That depends on how the Chinese respond.

And I'm a bit worried about that. The timing is very unfortunate. Thanks to the economic crises, Chinai s basically running the white house. So google can not expect much help from the US government. Which means that China has little to lose by playing this aggresively.

Google has deep pockets, and probably superior programming skills. But do they want to invest all that in ethics, instead of making profit? China meanwhile has even deeper pockets, and every reason to try to dictate their will to the internet.
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Re: Google to Reconsider Chinese "Approach"

Postby Indon » Wed Jan 13, 2010 7:27 pm UTC

Diadem wrote:That depends on how the Chinese respond.

And I'm a bit worried about that. The timing is very unfortunate. Thanks to the economic crises, Chinai s basically running the white house. So google can not expect much help from the US government. Which means that China has little to lose by playing this aggresively.

Google has deep pockets, and probably superior programming skills. But do they want to invest all that in ethics, instead of making profit? China meanwhile has even deeper pockets, and every reason to try to dictate their will to the internet.


Well, I dunno, it could be profitable.

What would Google get if they, say, organize and launch a democratic revolution in China?
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Re: Google to Reconsider Chinese "Approach"

Postby Will » Wed Jan 13, 2010 7:31 pm UTC

Diadem wrote:Google has deep pockets, and probably superior programming skills. But do they want to invest all that in ethics, instead of making profit?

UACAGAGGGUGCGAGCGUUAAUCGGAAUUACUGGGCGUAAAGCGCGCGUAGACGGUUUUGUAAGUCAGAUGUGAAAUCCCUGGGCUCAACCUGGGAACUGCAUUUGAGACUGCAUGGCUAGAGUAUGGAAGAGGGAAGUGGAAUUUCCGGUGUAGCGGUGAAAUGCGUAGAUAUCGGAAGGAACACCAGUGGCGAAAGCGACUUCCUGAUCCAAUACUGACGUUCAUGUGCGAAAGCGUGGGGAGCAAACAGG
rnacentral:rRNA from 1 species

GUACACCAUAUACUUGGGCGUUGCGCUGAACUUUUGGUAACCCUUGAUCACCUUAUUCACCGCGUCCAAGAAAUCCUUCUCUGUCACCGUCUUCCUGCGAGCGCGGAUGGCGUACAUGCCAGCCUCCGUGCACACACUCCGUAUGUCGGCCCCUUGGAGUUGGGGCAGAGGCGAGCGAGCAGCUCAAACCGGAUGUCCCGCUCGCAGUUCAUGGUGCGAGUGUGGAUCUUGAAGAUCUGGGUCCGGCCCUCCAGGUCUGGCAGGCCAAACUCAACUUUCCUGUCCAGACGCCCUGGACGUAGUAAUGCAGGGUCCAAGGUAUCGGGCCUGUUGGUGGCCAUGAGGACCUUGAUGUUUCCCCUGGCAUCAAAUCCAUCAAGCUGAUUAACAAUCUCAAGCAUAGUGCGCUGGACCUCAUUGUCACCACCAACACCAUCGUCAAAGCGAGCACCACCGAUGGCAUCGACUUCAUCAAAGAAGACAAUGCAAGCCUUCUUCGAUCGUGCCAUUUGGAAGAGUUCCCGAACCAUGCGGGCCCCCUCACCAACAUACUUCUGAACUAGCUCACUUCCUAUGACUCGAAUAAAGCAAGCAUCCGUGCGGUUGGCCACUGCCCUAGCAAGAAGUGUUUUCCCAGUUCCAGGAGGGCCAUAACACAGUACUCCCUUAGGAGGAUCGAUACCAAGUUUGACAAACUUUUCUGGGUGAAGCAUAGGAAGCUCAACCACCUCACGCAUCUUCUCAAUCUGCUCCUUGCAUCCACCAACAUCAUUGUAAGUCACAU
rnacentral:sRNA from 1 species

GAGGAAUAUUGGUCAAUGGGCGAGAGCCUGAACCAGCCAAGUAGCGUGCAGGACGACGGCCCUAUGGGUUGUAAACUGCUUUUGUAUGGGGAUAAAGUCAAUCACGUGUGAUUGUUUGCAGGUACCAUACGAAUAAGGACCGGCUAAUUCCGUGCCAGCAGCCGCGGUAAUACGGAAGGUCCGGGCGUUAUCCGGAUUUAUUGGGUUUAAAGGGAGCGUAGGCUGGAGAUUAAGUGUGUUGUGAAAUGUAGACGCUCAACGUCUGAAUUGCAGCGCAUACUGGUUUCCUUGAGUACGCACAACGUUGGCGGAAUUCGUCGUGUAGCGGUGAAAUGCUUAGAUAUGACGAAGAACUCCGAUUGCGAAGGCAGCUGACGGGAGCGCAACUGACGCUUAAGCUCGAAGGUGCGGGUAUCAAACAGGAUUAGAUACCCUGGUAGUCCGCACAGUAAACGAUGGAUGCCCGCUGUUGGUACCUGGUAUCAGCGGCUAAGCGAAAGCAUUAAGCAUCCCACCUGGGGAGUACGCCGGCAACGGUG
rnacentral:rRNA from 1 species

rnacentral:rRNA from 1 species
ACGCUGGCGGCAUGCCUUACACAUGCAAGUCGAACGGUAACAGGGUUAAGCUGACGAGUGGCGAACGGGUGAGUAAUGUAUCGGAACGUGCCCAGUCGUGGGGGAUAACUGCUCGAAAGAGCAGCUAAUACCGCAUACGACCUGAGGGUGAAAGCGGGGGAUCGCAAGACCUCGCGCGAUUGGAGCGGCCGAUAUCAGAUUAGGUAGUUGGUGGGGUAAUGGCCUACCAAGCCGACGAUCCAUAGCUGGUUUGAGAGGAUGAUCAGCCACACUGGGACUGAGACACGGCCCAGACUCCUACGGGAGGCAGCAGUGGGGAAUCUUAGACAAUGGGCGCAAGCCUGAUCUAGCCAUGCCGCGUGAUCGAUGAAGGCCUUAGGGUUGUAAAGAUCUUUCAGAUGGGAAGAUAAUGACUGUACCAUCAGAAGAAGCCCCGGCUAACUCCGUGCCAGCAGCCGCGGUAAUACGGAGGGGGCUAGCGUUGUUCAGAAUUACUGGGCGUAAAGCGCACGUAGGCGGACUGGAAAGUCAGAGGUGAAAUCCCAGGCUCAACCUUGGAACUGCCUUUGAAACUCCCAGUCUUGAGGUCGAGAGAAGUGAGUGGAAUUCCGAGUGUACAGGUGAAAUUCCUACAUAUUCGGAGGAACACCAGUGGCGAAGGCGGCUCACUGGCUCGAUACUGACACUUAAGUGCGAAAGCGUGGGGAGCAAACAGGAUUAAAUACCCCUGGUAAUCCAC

Here's a fun fact* about Google's operation in China: it's not profitable. They've spent millions on development to break into the Chinese market and for various reasons (including government protectionism of local corporations) haven't gotten a return on their investment yet. Pardon me for injecting some cynicism into this thread, but in this instance getting out of the Chinese market may be the best business move. These attacks simply give Google the ability to claim the moral high ground while doing it. I know it's speculation, but I have a hard time believing that if the business situation were different, and Google were making money hand over fist in China, that they'd be quite as eager to "reconsider their approach" in light of this situation.

* This fact comes from one of my coworkers, so feel free to fact-check me on this.
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Re: Google to Reconsider Chinese "Approach"

Postby aleflamedyud » Wed Jan 13, 2010 7:31 pm UTC

Indon wrote:
Diadem wrote:That depends on how the Chinese respond.

And I'm a bit worried about that. The timing is very unfortunate. Thanks to the economic crises, Chinai s basically running the white house. So google can not expect much help from the US government. Which means that China has little to lose by playing this aggresively.

Google has deep pockets, and probably superior programming skills. But do they want to invest all that in ethics, instead of making profit? China meanwhile has even deeper pockets, and every reason to try to dictate their will to the internet.


Well, I dunno, it could be profitable.

What would Google get if they, say, organize and launch a democratic revolution in China?

There won't be a democratic revolution in China as long as the money keeps flowing in and raising the standard of living.

Also, woot, cyberwar.
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Re: Google to Reconsider Chinese "Approach"

Postby Diadem » Wed Jan 13, 2010 7:45 pm UTC

If google started a cyberwar division, they could become the first megacompany in modern times to have a private army. Awesome.
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Re: Google to Reconsider Chinese "Approach"

Postby Philwelch » Wed Jan 13, 2010 8:10 pm UTC